Dealing with the media


Initial media reports in Bermuda of a suicide death will be taken from the Police statement which is usually made within 24 hours. Police will only name the deceased in a subsequent statement once the next of kin have been informed.  

The Police statement will usually say that the person was found in “an unresponsive state” and either that an investigation is ongoing or that “foul play is not suspected”.  Even if the Police are certain that the deceased took their own life, only the Coroner can officially state that the cause of death was suicide (see Registry General & Coroner ). 

Unlike their counterparts in other countries, Bermuda’s media are generally not intrusive or sensationalist when it comes to people’s personal lives. In such a small community, reporters are generally very empathetic in dealing with such cases and it is extremely rare for them to even mention suicide as a possible cause of death unless it is stated during a court case or inquest. 

Nevertheless, it is distressing to see or hear reports of the death of a loved one in the media and you may not wish or be physically or emotionally able to talk to the media if you are contacted. One alternative is to prepare a brief statement and basic background about the person’s life and email it to the media outlet along with a photo. 

There is absolutely no obligation for you to talk to the media if you do not wish to. The Police Public & Media Relations Department can assist and advise you in dealing with the media, especially in fielding intrusive inquiries that may be distressing to you. For more information, contact 299-4249 or pmr@bps.bm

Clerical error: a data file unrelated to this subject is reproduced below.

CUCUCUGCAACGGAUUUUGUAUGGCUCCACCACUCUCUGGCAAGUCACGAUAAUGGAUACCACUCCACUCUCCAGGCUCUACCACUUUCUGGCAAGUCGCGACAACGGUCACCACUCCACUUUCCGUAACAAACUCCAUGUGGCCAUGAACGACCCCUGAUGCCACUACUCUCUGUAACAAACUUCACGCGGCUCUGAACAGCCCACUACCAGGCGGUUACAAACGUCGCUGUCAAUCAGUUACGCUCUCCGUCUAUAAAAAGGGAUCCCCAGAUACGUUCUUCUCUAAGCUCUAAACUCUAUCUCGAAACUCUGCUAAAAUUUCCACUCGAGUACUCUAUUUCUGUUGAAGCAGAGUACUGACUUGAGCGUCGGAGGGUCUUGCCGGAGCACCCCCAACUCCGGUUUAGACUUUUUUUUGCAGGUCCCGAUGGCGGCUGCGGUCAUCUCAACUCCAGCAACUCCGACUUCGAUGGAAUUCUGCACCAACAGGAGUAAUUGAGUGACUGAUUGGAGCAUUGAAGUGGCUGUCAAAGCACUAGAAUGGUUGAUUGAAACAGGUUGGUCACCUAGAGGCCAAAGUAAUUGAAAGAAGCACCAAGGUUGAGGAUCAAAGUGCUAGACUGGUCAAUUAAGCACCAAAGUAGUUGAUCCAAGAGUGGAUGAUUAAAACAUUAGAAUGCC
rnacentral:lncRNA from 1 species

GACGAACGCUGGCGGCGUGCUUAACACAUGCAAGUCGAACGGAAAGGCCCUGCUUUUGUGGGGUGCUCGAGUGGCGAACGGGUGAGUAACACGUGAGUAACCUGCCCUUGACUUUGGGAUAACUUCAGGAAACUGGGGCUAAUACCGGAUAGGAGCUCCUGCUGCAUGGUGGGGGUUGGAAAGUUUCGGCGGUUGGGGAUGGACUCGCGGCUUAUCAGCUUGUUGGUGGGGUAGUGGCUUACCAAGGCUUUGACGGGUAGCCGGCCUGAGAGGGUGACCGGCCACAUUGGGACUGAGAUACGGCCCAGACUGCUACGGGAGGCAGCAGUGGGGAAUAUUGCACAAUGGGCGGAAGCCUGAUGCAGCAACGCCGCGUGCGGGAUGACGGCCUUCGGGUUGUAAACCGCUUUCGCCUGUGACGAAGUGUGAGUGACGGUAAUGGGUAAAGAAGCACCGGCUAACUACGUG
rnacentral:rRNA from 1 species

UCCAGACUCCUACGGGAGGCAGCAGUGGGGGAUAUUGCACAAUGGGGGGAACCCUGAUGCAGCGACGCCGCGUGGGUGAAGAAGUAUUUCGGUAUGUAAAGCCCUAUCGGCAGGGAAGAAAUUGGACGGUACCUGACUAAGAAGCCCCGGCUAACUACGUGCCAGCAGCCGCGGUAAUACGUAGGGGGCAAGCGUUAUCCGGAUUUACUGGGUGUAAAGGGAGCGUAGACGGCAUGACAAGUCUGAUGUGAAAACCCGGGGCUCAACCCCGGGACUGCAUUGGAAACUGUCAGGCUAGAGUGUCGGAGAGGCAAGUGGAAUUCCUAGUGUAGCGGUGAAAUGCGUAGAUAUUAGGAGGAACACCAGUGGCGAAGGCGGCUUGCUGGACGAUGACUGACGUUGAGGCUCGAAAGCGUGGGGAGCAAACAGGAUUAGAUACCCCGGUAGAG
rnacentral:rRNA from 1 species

A more serious concern is social media. In recent years Bermuda has seen a disturbing increase in posts and comments that spread gossip and misinformation and show no sensitivity, empathy or compassion to family and friends of the deceased. Such behaviour only adds to the distress and trauma of the bereaved and can seriously impact their own mental and physical wellbeing.  Bermuda online safety website Cybertips highlighted the problem in this article #PauseBeforeYouPost, written by LOSS member Juanae Crockwell.

Any abuse or innappropriate posts should be reported immediately to the Police and the media or social media network concerned. How to report offensive or abusive behaviour on social media.

If you have a complaint about local media coverage of the death that you feel has not been adequately addressed by the editor, news director or website manager concerned, you should contact the Media Council of Bermuda ( info@mediacouncilofbermuda.org)



Reporting on suicide​

Suicide is a public health issue. How the media covers suicide can have a negative and positive impact - sensational reporting may lead to "copycat" behaviour while informed coverage can play a significant role in de-stigmatising suicide and encourage people to seek help. If you work in the media, we ask you to follow the recommendations of ReportingOnSuicide.org

These recommendations were  developed by leading experts in suicide prevention and in collaboration with several international suicide prevention and public health organisations, schools of journalism, media organisations and key journalists as well as Internet safety experts.